“Homosexuals are biologically different from other people. This doesn’t make them a sinner or a criminal,” said Dr. Mostafa Eghlima, leader of the Iranian Social Workers Association, according to 76crimes.com that cited an article in Iran’s popular online Nameh News.
“This biological difference is something similar to difference in height: you can’t ostracize people from society because they are shorter than others,” said Eghlima.
Those who are against gay people have a “Middle Ages mentality,” he said adding that officials who are against gay people “have no education” and cause a lot of social problems with their policies.
“In this society from the government to the police give homosexuals a hard time. We have buried these (gay) people alive. We have taken everything away from these people. This is inhumane and un-Islamic,” he said.
“In the past homosexuals had their place in society and nobody bothered them. As long as the government discriminates against homosexuals there is going to be a problem,” Eghlima added.
No one can deny gay people a “right to life” or treat them “as if they have leprosy” them as he said, directly criticizing Iranian law that criminalizes any consensual same-sex relations with punishment ranging from 100 lashes between women and the death penalty for those between two men.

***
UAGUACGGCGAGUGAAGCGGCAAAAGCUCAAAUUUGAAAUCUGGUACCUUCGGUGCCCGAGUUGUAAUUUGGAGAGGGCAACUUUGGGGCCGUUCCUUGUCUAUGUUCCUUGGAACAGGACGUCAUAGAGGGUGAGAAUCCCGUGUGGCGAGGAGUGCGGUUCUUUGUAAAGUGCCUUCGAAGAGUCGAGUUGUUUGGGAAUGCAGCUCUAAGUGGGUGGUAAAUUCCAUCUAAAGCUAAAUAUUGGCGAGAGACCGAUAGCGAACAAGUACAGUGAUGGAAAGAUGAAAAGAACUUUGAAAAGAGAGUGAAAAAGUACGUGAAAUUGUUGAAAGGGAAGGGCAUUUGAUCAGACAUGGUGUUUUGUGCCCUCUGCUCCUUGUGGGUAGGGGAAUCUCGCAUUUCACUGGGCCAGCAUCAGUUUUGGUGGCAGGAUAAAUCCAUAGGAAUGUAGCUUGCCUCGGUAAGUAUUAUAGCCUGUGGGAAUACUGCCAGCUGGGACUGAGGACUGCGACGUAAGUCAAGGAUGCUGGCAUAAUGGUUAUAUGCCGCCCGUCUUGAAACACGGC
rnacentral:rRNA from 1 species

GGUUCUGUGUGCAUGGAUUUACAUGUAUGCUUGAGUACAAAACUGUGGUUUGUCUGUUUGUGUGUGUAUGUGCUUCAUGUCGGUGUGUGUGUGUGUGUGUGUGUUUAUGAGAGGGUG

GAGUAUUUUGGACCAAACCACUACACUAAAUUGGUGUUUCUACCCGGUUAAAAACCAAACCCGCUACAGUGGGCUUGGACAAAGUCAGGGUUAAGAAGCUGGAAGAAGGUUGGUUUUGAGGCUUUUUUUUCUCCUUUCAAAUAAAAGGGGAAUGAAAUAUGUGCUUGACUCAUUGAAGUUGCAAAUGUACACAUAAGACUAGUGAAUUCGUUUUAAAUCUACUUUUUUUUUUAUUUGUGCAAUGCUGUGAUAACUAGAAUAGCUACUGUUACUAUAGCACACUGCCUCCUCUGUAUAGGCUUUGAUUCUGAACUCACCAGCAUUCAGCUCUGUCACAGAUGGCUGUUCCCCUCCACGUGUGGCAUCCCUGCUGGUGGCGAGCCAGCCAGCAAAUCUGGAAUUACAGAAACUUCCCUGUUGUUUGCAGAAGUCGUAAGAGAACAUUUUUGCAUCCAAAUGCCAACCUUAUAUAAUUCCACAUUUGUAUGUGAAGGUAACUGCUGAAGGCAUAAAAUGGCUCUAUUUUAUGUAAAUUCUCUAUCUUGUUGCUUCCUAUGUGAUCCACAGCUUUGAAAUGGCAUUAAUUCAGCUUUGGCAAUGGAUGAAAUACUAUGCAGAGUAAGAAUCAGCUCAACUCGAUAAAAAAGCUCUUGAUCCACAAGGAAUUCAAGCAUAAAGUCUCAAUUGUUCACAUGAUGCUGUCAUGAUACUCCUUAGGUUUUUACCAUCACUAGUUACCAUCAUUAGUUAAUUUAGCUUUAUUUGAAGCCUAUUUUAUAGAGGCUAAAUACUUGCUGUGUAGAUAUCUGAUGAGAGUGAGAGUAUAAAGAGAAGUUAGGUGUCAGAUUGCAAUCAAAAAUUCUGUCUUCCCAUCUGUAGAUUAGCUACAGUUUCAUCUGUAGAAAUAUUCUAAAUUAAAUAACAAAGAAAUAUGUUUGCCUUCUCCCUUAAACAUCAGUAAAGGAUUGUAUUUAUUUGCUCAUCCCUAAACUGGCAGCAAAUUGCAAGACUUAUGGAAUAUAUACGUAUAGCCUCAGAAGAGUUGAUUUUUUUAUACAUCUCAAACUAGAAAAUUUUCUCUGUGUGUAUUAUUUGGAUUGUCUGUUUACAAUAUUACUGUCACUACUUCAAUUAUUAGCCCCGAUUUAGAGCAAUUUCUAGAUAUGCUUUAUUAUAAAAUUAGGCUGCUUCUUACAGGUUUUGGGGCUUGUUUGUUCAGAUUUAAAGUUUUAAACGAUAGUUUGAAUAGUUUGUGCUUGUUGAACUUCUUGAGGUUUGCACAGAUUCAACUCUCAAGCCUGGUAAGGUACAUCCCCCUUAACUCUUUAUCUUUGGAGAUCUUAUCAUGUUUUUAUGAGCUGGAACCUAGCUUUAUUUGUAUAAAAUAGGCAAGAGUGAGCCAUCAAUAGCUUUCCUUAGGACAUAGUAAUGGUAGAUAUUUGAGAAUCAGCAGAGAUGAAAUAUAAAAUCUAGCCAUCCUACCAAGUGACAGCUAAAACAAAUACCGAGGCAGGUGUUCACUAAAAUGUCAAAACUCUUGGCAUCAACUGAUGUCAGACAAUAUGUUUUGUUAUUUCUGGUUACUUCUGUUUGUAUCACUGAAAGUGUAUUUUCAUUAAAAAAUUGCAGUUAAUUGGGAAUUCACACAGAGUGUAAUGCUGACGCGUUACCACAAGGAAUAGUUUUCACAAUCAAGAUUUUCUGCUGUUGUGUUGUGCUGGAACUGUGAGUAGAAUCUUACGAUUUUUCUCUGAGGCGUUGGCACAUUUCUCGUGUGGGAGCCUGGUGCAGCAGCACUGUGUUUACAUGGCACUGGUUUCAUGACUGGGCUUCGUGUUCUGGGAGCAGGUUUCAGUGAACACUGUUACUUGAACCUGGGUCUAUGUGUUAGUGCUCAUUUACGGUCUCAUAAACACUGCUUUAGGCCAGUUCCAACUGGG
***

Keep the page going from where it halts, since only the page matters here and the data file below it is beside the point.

The Islamic Penal Code also criminalizes same-sex touching and intimate kissing, which are punishable by up to 74 lashes.
Eghlima also pointed out that gay people “don’t need surgery to change their body” — another jibe at the law that legally allows gender reassignment surgeries which rights activists say gay people take recourse to in order to avoid the death penalty.
Activists point to the fact that Iran has the highest amount of gender reassignment surgery carried out anywhere, except Thailand.
“We have no right to harm God’s creatures. Harming homosexuals is selfish and ignorant, similar to harming someone because they are disabled. Islam treats all people equally. If we were to follow the letter of the law, everyone should be treated the same,” Eghlima said.
Eghlima’s comments are a striking departure from the typical attitude of Iran’s political and religious leaders about same-sex relations, says 76crimes.com.
Iran’s authoritarian Islamic regime consistently enforces anti-gay repression and homophobia that remain codified in law.
This has prompted human rights organizations such as Amnesty International, Human Rights Watch, International Gay and Lesbian Human Rights Commission calling in Iran to expunge “homosexual acts” from its list of capital offenses.